Data analysis: Both AFLP and protein gels were scored as 0/1 for absence/presence of the bands, respectively. Number and percentage of the polymorphic bands were calculated. Similarity coefficient matrices were calculated using Dice similarity algorithm (Dice, 1945) for both markers (AFLP and protein). Phenograms were constructed using the UPGMA method (Unweighted Pair-Group Method with arithmetical algorithms Averages (Sneath and Sokal, 1973) and the correlation cophenetic coefficients were calculated. For the above mentioned analysis, the NTSYS PC2.0 software was used (Rohlf, 1998).


AFLP analysis: Altogether 366 bands were obtained from the AFLP analysis, 339 (93%) out of them were polymorphic (Table 2), 189 bands out of 209 were polymorphic for the first AFLP primer combination (E42-M38) while 150 bands out of 157 were polymorphic for the second primer combination (E40-M38).

The AFLP markers (Fig. 1) and the dendrogram (Fig. 2) separated the barley accessions according to their genome type. All the accessions of H. vulgare spontaneum and H. bulbosum had the H genome type, whereas the H. murinum accessions with genome type Xu were like a subgroup of H. The second group in this cluster with genome type I was also divided into two groups, the first contains all species that have the genome I (i.e., H. bogdanii, H. brevisbulatum, H. chilense, H. jubatum and H. pusillum) while the second group contains H. marinum which has the Xa genome (Fig. 2). A highly significant correlation cophenetic coefficient was obtained with the dendrogram of the AFLP (r = 0.96) which proved the reliability of the results.

Protein analysis: A high percentage of polymorphism was obtained from the protein analysis, where 46 polymorphic bands out of 47 were scored representing 98% (Table 2, Fig. 3). All the bands obtained from the water soluble protein were polymorphic, whereas 26 out of 27 bands were polymorphic for the water insoluble protein (Table 2).

Table 2: Sequences and polymorphic bands of AFLP and storage protein markers for the 60 barley accessions

Fig. 1: Part of AFLP banding pattern (E42-M38 primer combination) of accessions of the different genome types

Fig. 2: Dendrogram of the 60 barley accessions using AFLP data based on Dice’s similarity coefficient and the UPGMA method

The protein banding pattern of the H-genome accessions was different from the pattern of the I-genome accessions. According to the dendrogram produced from the analysis of both water soluble and water insoluble protein, the barley accessions were divided into two clusters similarly to the AFLP results (Fig. 4).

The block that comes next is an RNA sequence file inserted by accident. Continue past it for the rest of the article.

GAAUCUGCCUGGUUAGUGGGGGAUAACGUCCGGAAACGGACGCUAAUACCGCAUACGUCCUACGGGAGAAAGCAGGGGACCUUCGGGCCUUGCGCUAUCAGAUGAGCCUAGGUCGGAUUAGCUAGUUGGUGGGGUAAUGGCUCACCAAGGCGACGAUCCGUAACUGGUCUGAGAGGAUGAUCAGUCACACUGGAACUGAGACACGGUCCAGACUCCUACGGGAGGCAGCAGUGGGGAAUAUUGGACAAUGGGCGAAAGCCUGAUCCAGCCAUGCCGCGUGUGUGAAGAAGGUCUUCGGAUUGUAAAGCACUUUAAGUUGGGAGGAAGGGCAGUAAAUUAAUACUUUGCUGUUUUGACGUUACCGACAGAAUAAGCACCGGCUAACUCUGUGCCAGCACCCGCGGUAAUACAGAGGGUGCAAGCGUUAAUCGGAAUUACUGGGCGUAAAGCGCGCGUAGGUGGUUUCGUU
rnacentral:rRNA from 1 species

Fig. 3: Part of water insoluble seed storage protein banding pattern of barley accessions representing both Old and New World’s species

Fig. 4: Dendrogram of 18 barley accessions using both water soluble and water insoluble protein data based on Dice’s similarity coefficient and the UPGMA tree building method

The first cluster contains the accessions with genome H (H. bulbosum and H. vulgare spontaneum) and genome Xu (H. murinum) like a subgroup of H. The second cluster consists of the accessions with the genome I (H. bogdanii, H. brevisbulatum, H. chilense, H. jubatum and H. pusillum) and the genome Xa (H. marinum) like a subgroup of I (Fig. 4). The reliability of these results was proven by the highly significant correlation of cophenetic coefficient for the protein dendrogram (r = 0.89).


The genus Hordeum has generally been considered as a well defined and easily recognized monophyletic plant group which is characterized by three one-flowered spikelets at each rachis node, the two lateral ones are either rudimentary or sterile and the central one is fertile in the two-rowed barley, or both of them are fertile in the six-rowed barley. Earlier authors considered all wild species to be fairly closely related to cultivated barley so they thought that all these species constitute genetic resources for breeding purposes, even though rather strong sterility barriers were found to operate (Von Bothmer et al. (1995). Von Bothmer et al. (2003) reported that triticeae represents a highly successful evolutionary branch in the grass family (poaceae) and comprises a vast number of species and genera and the numerous wild species are thus potential gene sources for cereal breeding.

Twenty-nine Mediterranean and 20 middle-Asian wild barley accessions were analysed to reveal their location in the barley phylogeny. The phylogenetic analyses based on the 339 AFLP bands and the 46 protein bands divided the studied taxa into two main groups representing the H and the I genome type. It was also noted that accessions of the same species were clustered together. These results are consistent with the recently developed phylogenetic system (reviewed by Blattner, 2009), except that Xu and Xa are more clearly separated there from the H, respectively I group than in our results. The four Hordeum genome groups (H, I, Xa, Xu) are monophyletic and contain several allo- and autopolyploidic species. The accessions in our study are mostly diploid, except H. jubatum which is tetraploid and H. procerum which is hexaploid, Both AFLP data and seed storage protein analyses succeeded in discriminating the accessions according to the genome type and both methods came to the same results. Thus, there are no basic differences between the phylogeny based on AFLP or seed proteins, but there are small differences in the degree of relationships when compared to the scheme by Blattner (2009). The genetic diversity between the studied Mediterranean accessions was only half of that found by Liu et al. (2002) with analysis of ten allozymes. Zimmer and Wen (2012) reviewed the current state of low and single-copy nuclear markers that have been applied successfully in plant phylogenetics. They advocate the potential of massively parallel high throughput or Next-Generation Sequencing approaches for future molecular phylogenetic and evolutionary investigations.

The present study focussed especially on barley species and accessions which came from the Mediterranean area. We integrated them into the previously established phylogenetic tree, thus broadening the knowledge of the gene pool which is present in wild barley species from the North African to middle Asian origin.


This study was supported by Minufiya University, Sadat City, Minufiya, Egypt and King Abdulaziz University, Jeddah, KSA. The help in obtaining the samples from seed banks is gratefully acknowledged.